So, this is actually the second stage in our evolution. We see a very long road with improvements ahead of us.

HD Technology Update: What does the 300ms delay include exactly?

John Pittas: The 300ms latency is total end-to-end, encoder-to-decoder delay. That is, from the HD-SDI input on the encoder to the HD-SDI output on the decoder, basically it’s the delay between the boxes. But once you put a channel between them, you add more latency. Typically, a channel on a satellite link is going to be 250-300ms for the uplink/downlink. So, including the codecs, we are just more than a half second for end-to-end delay. This compares very favorably with existing MPEG-2 HD systems. In fact, it is lower than existing MPEG-2 HD systems. The result is the kinds of latencies we currently expect with field interviews back to the studio anchors. The IP-9500 now allows you to originate HD from the field camera all the way back to the studio, mix in HD at the studio and output your program to the ATSC transmitter, or whatever distribution platform you are using, completely in HD. No SD involved in the system.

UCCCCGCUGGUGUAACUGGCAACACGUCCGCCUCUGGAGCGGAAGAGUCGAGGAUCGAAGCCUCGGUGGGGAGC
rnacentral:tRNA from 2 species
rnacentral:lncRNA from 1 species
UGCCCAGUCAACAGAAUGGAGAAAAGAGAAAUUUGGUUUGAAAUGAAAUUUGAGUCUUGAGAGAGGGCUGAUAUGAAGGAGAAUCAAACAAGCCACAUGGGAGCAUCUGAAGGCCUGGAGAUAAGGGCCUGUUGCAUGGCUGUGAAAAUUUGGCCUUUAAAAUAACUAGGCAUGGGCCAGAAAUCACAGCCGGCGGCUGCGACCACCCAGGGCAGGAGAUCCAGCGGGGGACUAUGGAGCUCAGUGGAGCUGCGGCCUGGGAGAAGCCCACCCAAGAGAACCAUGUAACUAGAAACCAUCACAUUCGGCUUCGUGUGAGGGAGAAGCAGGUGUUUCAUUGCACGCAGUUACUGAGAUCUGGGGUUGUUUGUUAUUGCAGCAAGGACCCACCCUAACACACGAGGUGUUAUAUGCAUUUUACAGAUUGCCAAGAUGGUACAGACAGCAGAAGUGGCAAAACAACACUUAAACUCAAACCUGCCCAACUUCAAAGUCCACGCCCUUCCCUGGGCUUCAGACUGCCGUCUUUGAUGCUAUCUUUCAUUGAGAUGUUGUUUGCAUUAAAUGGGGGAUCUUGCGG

HD Technology Update: Several weeks ago, I spoke with an Intelsat spokesperson who said that currently about 10 percent of all SNG is HD. Is that consistent with your experience?

John Pittas: HD SNG is in the embryonic stages and is exactly where we want it to be as far as a new vendor providing new capabilities to the market. I like that number because it is a huge number for us to grow into. We want to enable the HD-SNG revolution.

HD Technology Update: Why have you identified the SNG market and not the ENG market as your target?

John Pittas: We are working in the ENG part of the market also but don’t yet have an announcement. We are working with folks who do COFDM systems, so you will see the same capabilities on that side of the market eventually.

Tell us what you think!
HDTU invites response from our readers. Please submit your comments to editor@broadcastengineering.com. We'll follow up with your comments in an upcoming issue.